Elementary School: Mapping One Woman’s Boston
This lesson is ideally suited to Grade 3, “Massachusetts and its Cities and Towns: Geography and History,” but could be adapted to other courses with an emphasis on geography. Most schools will arrange a field trip to Boston during the course of the third grade academic year. This project will help to demonstrate how a city changes over time. Daisie Miller Helyar’s Boston was different from the Boston we see today, but many of the sites she mentions are still there. The activity will also help familiarize students with the layout of Boston.
- To enhance students’ ability to understand and use cardinal directions, map scales, and map legends
- To introduce the purpose of maps
- To learn more about Boston’s historical neighborhoods and about how a place can change over time
- Two 40-minute classroom periods
- This project may precede a field trip to Boston
Classroom setup and materials:
- enough printed maps of Boston for each student
- pens or pencils
- colored pencils or colored pens
- computer and projector
- chalkboard or white board
- Begin by asking the students about what a map is and for what purposes it is used.
- Show students a map of Massachusetts, preferably one with a compass and a legend. Ask about what they see on the map. What is included? What is excluded?
- Talk about cardinal directions and how they are shown on a map.
- Talk about legends and what sort of information they can convey. Ask students these questions:
- “How is Boston marked on this map of Massachusetts? How is your town marked– if it is marked at all? How are roads marked? How are bodies of water marked?”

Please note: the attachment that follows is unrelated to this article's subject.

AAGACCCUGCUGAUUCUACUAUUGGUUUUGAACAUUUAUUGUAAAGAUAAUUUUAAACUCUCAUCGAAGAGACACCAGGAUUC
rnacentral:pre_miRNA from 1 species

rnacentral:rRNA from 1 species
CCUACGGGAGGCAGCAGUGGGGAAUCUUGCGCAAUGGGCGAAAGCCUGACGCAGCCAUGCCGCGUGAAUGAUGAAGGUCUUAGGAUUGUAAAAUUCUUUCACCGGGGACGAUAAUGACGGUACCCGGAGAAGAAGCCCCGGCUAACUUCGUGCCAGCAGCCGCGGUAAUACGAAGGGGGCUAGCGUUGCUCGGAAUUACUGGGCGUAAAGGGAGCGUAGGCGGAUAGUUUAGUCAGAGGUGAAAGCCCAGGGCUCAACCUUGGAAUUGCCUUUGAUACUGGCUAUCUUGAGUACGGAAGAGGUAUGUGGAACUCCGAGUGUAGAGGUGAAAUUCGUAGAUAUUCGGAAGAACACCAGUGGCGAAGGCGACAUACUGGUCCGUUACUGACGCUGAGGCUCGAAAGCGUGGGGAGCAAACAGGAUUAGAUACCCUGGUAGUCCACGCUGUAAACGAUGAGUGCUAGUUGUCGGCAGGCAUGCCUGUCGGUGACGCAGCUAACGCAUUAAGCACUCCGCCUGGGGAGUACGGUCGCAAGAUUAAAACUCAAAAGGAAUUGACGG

- Discuss the different types of maps, possibly by using political, topographic, and resource maps of the same area.
- Show maps of Boston from before European settlement, from Colonial times, from Revolutionary times, from before WWI, and today.
- Ask students how or why a city may change. Discuss the importance of maps for navigation and also for historical research.
- Distribute maps of Boston and colored pencils.
- Instruct students to create and label a compass to indicate cardinal directions.
- Use the projector to click through the pages of the Daisie Miller Helyar scrapbook.
- Explain that Daisie lived in Boston 100 years ago – and that some parts of the city have changed while some have stayed the same.
- Together, the class should look for the names of places mentioned on the pages of the scrapbook. Compile a list of places on the board.
- It may also be useful to read some of the biographical content in order to include the names of theaters, and the North Bennet Street Industrial School in Boston’s North End.
- Together, choose 4-5 sites to map. Some possibilities include Simmons College, the North End, and the Colonial Theatre in downtown Boston.
- Together, the class should use online resources (such as the website of Simmons College and the website of the Colonial Theatre) to determine if these sites still exist.
- Instruct students to create a legend, with a color each for school-related buildings, musical/theatrical venues, places Daisie worked, and so on.
- The class should mark locations from Daisie’s life on the map.
- Tell students that they have made a map of one woman’s Boston, and that different people will experience a place in different ways.
- Consider pointing out some sites from Daisie’s life while on a field trip to Boston. The Colonial Theatre is close to Boston Common, and Simmons College is close to the MFA.